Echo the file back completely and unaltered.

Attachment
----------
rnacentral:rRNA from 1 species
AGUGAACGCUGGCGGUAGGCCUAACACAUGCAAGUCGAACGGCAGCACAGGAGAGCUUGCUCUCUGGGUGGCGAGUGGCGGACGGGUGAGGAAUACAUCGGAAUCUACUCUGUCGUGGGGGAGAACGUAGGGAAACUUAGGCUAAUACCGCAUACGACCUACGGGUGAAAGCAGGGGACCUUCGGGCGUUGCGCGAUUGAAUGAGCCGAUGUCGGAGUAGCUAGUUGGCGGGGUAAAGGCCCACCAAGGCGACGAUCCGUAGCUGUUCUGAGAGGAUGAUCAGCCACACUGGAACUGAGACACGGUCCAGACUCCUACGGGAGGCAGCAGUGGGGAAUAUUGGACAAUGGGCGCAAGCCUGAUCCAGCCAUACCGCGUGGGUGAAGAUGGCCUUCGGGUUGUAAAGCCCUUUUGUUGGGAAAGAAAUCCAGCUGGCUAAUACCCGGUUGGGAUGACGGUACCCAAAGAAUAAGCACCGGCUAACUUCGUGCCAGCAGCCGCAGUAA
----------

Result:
rnacentral:rRNA from 1 species
AGUGAACGCUGGCGGUAGGCCUAACACAUGCAAGUCGAACGGCAGCACAGGAGAGCUUGCUCUCUGGGUGGCGAGUGGCGGACGGGUGAGGAAUACAUCGGAAUCUACUCUGUCGUGGGGGAGAACGUAGGGAAACUUAGGCUAAUACCGCAUACGACCUACGGGUGAAAGCAGGGGACCUUCGGGCGUUGCGCGAUUGAAUGAGCCGAUGUCGGAGUAGCUAGUUGGCGGGGUAAAGGCCCACCAAGGCGACGAUCCGUAGCUGUUCUGAGAGGAUGAUCAGCCACACUGGAACUGAGACACGGUCCAGACUCCUACGGGAGGCAGCAGUGGGGAAUAUUGGACAAUGGGCGCAAGCCUGAUCCAGCCAUACCGCGUGGGUGAAGAUGGCCUUCGGGUUGUAAAGCCCUUUUGUUGGGAAAGAAAUCCAGCUGGCUAAUACCCGGUUGGGAUGACGGUACCCAAAGAAUAAGCACCGGCUAACUUCGUGCCAGCAGCCGCAGUAA